Saturday, July 24, 2010

These Were Not Pets

A companion dog lives in your home or at least spends a good portion of his time with you, when you are home. They sleep in your house, sometimes in your room (on or off the bed). A companion dog is a treasured member of the family and pack. They are not relegated to the backyard or garage. You do not have five of them, only to spend a minimal amount of time with them individually. If you have five of them, you do not keep three in the garage, two out in the backyard, and then bring one at a time out in the front yard unleashed.

A companion dog can manage to get along with the family. If that is not possible, a companion dog is taken to obedience training or a behaviorist and the whole family is involved in the dog's training and modification. If a companion dog's behavior is so dangerous that he or she poses a risk to the family's smallest residents, then a serious discussion should take place on whether that home is the right place for that particular companion dog.

A companion dog is not merely a dog who is given a roof over his head or food in her belly. It requires more effort to create an environment in which a dog goes from resident to companion. A companion dog can be one who is showered with ridiculous expenses, and a companion dog can live in the most impoverished of places. What makes a dog a companion is how they are perceived by the humans around them and how they are treated.

The dog(s) responsible for the death of a child in the SF Bay Area were not companion dogs. And no matter how much the owners of the dogs wish to foist blame on the non-humans in the equation, no one is more at fault than he. When you take five dogs, four of them intact males, and sequester them in garages and backyards, and when you have at least one dog who is aggressive towards children, you are doing nothing but a disservice to both dogs and humans. And even though the owner "adopted" the female dog, who was pregnant, that does not make that dog a companion dog...not when she is confined to the garage for the better part of her day.

Four of the dogs are less than 2 years of age. They are the puppies of the only truly adult dog. At six months of age, one of the dogs aggressed against another dog in the household, a Chihuahua. He killed the dog. The same dog, since he was young, was never allowed to be around children. He wasn't to be trusted. That is a red flag, not a case of hindsight. Around the same time this dog started showing aggressive behaviors, the owner of the dogs allowed his family to move in, bringing with them their two children (his grandsons).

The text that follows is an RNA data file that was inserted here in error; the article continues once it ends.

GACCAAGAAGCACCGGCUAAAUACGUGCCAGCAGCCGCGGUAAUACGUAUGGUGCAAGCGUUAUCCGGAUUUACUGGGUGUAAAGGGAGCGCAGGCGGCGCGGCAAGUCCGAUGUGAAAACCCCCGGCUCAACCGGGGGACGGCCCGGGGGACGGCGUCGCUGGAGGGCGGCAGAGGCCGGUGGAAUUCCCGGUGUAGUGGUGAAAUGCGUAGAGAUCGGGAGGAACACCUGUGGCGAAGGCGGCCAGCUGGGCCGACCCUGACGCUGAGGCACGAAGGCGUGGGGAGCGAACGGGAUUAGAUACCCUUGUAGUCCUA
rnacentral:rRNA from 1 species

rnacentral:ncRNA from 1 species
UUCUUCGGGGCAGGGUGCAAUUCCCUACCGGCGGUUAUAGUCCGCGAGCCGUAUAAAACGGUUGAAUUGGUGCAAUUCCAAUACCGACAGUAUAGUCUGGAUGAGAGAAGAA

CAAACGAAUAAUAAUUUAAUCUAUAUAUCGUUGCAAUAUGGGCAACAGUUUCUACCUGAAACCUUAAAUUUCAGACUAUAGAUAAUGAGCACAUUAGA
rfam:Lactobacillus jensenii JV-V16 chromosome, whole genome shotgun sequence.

Nothing was done to mitigate the clear fear and aggression issues at least one of the dogs exhibited.

Nothing was done to mitigate the aggression towards children at least one of the dogs exhibited.

And now. Now the owner blames my dog. He foists all of this heartbreaking tragedy onto dogs. DOGS. I give him this - amidst his pain and suffering, he is trying to cope with his own irresponsible behavior. He is creating a shell of denial, blaming my dog and other nonviolent dogs, for his inability to manage four adolescent, intact male dogs and one spayed female. I do not begrudge him this.

It will not bring back his grandson. It will not rectify his own mistakes, so grievous that a child will never become an adult.

The euthanasia of the five dogs is not helpful, either. We know nothing about their true personalities or behavior. We do not know if only one dog, the one who never really liked kids, was the only one who participated. We do not know if, in his final moments, another dog tried to intervene or just looked on. We only know that two innocent dogs and three potentially guilty dogs were subsequently killed. Their owners will, at the very least, receive a trial.

I don't know how to rectify these problems. They are not the result of a dog's inability to deal with the world. They are not because a dog looks a certain way. They exist because people choose to bring in dogs but then neglect to treat them as companions with all the significant responsibility that entails. You can't put two intact companion, adolescent, male dogs out in the backyard 24/7. You can't stick two intact male, adolescent companion dogs and one spayed female in a garage 24/7. You can't ignore the aggressive behavior of a companion dog, because that companion dog is in your home, around your friends/family/children.

But you can do that with a resident dog. You can deny them normal social interactions. You can put them in situations where they are cornered and feel as if they must bite, bite, bite to deal with the matter how mundane that threat is. You can chain them, keep them in garages and backyards. You can ignore their training, because a resident dog requires none. You just need to put out the dish every day and hope that, like millions of other resident dogs, they won't react in deadly ways to what should be a fun interaction between a dog and a child.

What a sad, sad, preventable story.

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